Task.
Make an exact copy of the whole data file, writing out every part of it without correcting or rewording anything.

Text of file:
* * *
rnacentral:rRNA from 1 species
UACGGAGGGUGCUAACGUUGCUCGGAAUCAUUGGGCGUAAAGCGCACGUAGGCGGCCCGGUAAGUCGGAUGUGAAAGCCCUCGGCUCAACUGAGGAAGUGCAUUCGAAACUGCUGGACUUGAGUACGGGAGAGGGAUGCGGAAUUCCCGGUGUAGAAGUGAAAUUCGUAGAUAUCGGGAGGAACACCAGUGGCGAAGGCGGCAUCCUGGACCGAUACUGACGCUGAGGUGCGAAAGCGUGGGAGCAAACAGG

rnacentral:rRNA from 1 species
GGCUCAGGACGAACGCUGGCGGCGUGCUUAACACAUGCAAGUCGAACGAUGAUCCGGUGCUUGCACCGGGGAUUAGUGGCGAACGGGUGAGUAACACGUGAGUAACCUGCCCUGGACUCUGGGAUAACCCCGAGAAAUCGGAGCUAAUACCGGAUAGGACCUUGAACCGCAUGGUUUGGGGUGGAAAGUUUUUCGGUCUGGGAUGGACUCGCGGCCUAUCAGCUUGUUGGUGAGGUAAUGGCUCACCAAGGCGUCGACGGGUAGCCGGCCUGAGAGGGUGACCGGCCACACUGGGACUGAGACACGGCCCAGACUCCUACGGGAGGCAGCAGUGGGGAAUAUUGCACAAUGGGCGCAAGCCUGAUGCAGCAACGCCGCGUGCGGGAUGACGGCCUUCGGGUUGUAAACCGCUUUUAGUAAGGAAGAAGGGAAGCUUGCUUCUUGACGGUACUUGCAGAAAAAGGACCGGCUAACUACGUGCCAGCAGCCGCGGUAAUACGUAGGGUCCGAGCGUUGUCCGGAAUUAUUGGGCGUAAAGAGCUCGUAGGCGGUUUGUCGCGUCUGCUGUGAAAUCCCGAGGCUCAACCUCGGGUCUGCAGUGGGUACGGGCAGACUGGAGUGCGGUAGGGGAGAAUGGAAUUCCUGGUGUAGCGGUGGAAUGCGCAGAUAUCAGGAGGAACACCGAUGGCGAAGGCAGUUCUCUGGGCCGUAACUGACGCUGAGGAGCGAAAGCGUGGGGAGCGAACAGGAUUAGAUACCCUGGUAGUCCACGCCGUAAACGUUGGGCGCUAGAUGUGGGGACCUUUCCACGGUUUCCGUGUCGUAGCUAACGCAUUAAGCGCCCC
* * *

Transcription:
rnacentral:rRNA from 1 species
UACGGAGGGUGCUAACGUUGCUCGGAAUCAUUGGGCGUAAAGCGCACGUAGGCGGCCCGGUAAGUCGGAUGUGAAAGCCCUCGGCUCAACUGAGGAAGUGCAUUCGAAACUGCUGGACUUGAGUACGGGAGAGGGAUGCGGAAUUCCCGGUGUAGAAGUGAAAUUCGUAGAUAUCGGGAGGAACACCAGUGGCGAAGGCGGCAUCCUGGACCGAUACUGACGCUGAGGUGCGAAAGCGUGGGAGCAAACAGG

rnacentral:rRNA from 1 species
GGCUCAGGACGAACGCUGGCGGCGUGCUUAACACAUGCAAGUCGAACGAUGAUCCGGUGCUUGCACCGGGGAUUAGUGGCGAACGGGUGAGUAACACGUGAGUAACCUGCCCUGGACUCUGGGAUAACCCCGAGAAAUCGGAGCUAAUACCGGAUAGGACCUUGAACCGCAUGGUUUGGGGUGGAAAGUUUUUCGGUCUGGGAUGGACUCGCGGCCUAUCAGCUUGUUGGUGAGGUAAUGGCUCACCAAGGCGUCGACGGGUAGCCGGCCUGAGAGGGUGACCGGCCACACUGGGACUGAGACACGGCCCAGACUCCUACGGGAGGCAGCAGUGGGGAAUAUUGCACAAUGGGCGCAAGCCUGAUGCAGCAACGCCGCGUGCGGGAUGACGGCCUUCGGGUUGUAAACCGCUUUUAGUAAGGAAGAAGGGAAGCUUGCUUCUUGACGGUACUUGCAGAAAAAGGACCGGCUAACUACGUGCCAGCAGCCGCGGUAAUACGUAGGGUCCGAGCGUUGUCCGGAAUUAUUGGGCGUAAAGAGCUCGUAGGCGGUUUGUCGCGUCUGCUGUGAAAUCCCGAGGCUCAACCUCGGGUCUGCAGUGGGUACGGGCAGACUGGAGUGCGGUAGGGGAGAAUGGAAUUCCUGGUGUAGCGGUGGAAUGCGCAGAUAUCAGGAGGAACACCGAUGGCGAAGGCAGUUCUCUGGGCCGUAACUGACGCUGAGGAGCGAAAGCGUGGGGAGCGAACAGGAUUAGAUACCCUGGUAGUCCACGCCGUAAACGUUGGGCGCUAGAUGUGGGGACCUUUCCACGGUUUCCGUGUCGUAGCUAACGCAUUAAGCGCCCC